Eric: Select Skateshop, created by Houston's favorite OG's, Ramzi Mantoura and Jerry Menchaca. We're coming up on our eighth anniversary, and going strong.
The shop allows us to have a home base through which we can unify together and cultivate all our talents. Our crew is filled with individuals who each play an important role in keeping the whole thing going, whether it's through filming, photography, art and skating. We all work super well with each other and just get to enjoy making tight shit together.

"I stress myself out for two-and-a-half weeks hand-making every single DVD and cover"

The first project I made was "Personage & Birds" back in 2015, then I made "Fortune Cookie" in 2016. "La Armonía" is the third project I made for Select which came out last December.  A lot of influence came from 1960's Italian, Spanish and French scores from crime, romance and thriller movies and came up with the title "La Armonía" for the video which means "The Harmony" focusing a lot on that genre of music.
I usually give myself about a year to film a full-length video. I think that's a good amount of time with maybe two or three trips in between. Once I think I've collected a good amount of footage from everybody, I stress myself out for two-and-a-half weeks hand-making every single DVD and cover before the premiere date in December.
LSM: What is your personal relationship with Slinky, do you guys go way back? Would you be able to describe his approach to skateboarding in words? Have you worked on other projects together before?
Eric: Kyle is one of my closest friends. I've known him for about eight years now. I met him when he was probably around eighteen and grew up skating with him at this local prefab park out west in Katy, Texas. He was a little shit head back then [laughs]. I used to not know how to pronounce his last name so I would call him Slinky. The nickname just stuck and fitted him like a tailored suit. Skating sleek and sinuous in a flowing manner.

Slinky backside smith grind shove-it out . Ph.: Andy Nguyen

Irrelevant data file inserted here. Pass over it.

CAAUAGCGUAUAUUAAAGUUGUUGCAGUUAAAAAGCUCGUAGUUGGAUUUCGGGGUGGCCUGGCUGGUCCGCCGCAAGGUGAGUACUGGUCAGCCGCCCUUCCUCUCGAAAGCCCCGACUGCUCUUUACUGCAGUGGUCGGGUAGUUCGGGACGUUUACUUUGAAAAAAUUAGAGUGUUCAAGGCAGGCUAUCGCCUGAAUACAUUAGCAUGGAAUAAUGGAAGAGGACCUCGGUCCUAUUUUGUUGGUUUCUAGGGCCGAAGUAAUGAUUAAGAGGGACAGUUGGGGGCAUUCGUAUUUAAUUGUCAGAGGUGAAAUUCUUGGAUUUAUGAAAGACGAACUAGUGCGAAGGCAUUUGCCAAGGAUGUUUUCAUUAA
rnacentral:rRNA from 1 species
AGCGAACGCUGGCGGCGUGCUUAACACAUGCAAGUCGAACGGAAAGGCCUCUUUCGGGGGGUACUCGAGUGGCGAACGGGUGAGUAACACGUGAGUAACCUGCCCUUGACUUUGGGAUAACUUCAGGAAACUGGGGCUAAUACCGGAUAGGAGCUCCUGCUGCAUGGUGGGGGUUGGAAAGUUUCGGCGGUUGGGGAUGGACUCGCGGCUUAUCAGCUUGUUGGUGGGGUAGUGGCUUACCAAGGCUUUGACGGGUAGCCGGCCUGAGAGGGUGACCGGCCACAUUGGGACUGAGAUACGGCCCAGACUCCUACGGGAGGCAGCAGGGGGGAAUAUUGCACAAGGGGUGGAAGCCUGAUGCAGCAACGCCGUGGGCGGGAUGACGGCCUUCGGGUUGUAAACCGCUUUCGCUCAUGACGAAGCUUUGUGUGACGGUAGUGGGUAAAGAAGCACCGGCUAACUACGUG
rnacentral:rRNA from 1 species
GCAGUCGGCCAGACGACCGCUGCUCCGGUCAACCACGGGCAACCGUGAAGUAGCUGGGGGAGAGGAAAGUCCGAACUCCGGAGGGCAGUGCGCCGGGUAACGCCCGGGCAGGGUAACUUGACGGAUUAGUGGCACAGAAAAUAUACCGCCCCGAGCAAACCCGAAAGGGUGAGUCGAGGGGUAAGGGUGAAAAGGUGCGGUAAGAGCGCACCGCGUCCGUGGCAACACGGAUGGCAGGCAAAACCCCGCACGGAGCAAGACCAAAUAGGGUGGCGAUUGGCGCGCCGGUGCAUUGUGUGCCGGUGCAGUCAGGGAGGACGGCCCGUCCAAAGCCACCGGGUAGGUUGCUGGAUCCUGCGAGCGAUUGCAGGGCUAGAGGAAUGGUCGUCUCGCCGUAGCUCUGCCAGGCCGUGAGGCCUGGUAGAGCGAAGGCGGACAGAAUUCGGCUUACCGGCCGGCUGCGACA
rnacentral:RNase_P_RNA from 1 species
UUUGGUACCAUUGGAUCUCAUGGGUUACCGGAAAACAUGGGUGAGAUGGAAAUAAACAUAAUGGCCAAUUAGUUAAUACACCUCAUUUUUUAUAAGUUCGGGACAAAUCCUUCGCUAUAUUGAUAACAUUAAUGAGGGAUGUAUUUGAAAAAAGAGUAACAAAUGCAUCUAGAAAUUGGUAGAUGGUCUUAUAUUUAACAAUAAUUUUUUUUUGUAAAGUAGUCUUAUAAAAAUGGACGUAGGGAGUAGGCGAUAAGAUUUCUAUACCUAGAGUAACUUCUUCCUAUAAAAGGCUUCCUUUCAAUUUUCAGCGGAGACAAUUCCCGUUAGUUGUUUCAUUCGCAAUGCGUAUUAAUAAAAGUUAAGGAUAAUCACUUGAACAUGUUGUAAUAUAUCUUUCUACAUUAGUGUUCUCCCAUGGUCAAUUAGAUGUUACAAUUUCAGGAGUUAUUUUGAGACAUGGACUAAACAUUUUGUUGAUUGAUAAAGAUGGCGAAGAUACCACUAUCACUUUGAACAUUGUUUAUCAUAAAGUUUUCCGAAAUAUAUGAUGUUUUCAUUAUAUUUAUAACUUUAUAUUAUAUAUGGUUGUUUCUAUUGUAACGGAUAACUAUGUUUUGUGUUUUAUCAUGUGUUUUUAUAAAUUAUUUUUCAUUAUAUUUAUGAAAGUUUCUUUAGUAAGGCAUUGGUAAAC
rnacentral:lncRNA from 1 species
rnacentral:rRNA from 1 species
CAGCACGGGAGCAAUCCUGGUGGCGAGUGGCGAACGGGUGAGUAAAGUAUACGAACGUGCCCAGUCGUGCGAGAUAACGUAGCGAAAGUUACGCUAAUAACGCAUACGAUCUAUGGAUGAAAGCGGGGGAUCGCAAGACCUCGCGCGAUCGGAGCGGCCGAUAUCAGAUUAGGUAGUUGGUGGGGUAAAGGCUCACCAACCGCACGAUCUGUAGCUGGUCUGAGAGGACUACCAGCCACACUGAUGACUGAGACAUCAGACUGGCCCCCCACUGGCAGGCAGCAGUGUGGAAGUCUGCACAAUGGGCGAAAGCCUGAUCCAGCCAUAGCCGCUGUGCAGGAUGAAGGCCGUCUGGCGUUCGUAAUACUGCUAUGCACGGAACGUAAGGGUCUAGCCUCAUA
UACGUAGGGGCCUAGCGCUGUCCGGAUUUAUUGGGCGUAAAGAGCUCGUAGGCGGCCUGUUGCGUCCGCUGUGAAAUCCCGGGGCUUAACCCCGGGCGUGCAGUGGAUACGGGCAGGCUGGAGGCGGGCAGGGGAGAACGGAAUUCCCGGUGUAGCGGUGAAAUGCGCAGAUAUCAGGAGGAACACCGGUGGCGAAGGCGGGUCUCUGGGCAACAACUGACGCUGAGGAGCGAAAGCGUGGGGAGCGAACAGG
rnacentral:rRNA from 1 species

A couple years ago he moved to NYC for a job. When he came back to Texas, his approach on skating had a little bit of East Coast influence. There are times when finding different ways to skate a spot here can be challenging since a lot of our spots are just your typical gap, stairs, ledges and rails, but Slinky tends to overcome obstacles in obscure ways.
We share the same vision and work well together, inspiring one another.

"Mike Gigante hit us up, asking us if we wanted to make a little Northern Co. Texas connection edit"

Also the best guy to have trips on! He's like an alarm clock. He'll wake you up mad early in the morning trying to convince you to work out with him at the gym to warm you up before skating...
LSM: You’ve mentioned to me before that you were working on helping out our friends over at Northern Co. in SF with a Texas connection thing. Care to elaborate? What other projects do you have in the works and how often are you on missions for them?
Eric: Yeah! Mike Gigante hit my homie Mikey Brown and I up, asking us if we wanted to make a little Northern Co. Texas connection edit. Told him we were down for it and super stoked for the idea. Mike and Ryan Flores were the first people we met when we visited SF and hooked us up with some boards and showed us around. Raddest dudes ever and the rest of the team as well. Bryan Botelho and Chris Athans are from Texas too! Should be close to being finished.

Pop shove-it hippy jump. Ph.: Andy Nguyen
Asides from that, just trying to skate and film as much as I can for another full-length video I suppose. Trying to plan more trips here and there. 
LSM: What are your inspiration skate video-wise? Any influences beyond the scope of just skate films?
Eric: Very influenced by a lot of the FESN, Magenta, Colin Read ("Tengu"), Rasa Libre, local Houston videos and all the "Static" videos. The list could go on.
I also enjoy a lot of foreign films. My Mom is a French teacher so she's always showing me all these movies. They always seem to have an interesting tuneful soundtrack to them.
LSM: What do you like and wish you could see more of, in modern skate videos in general?
Eric: Fred Gall and his grandma's station wagon!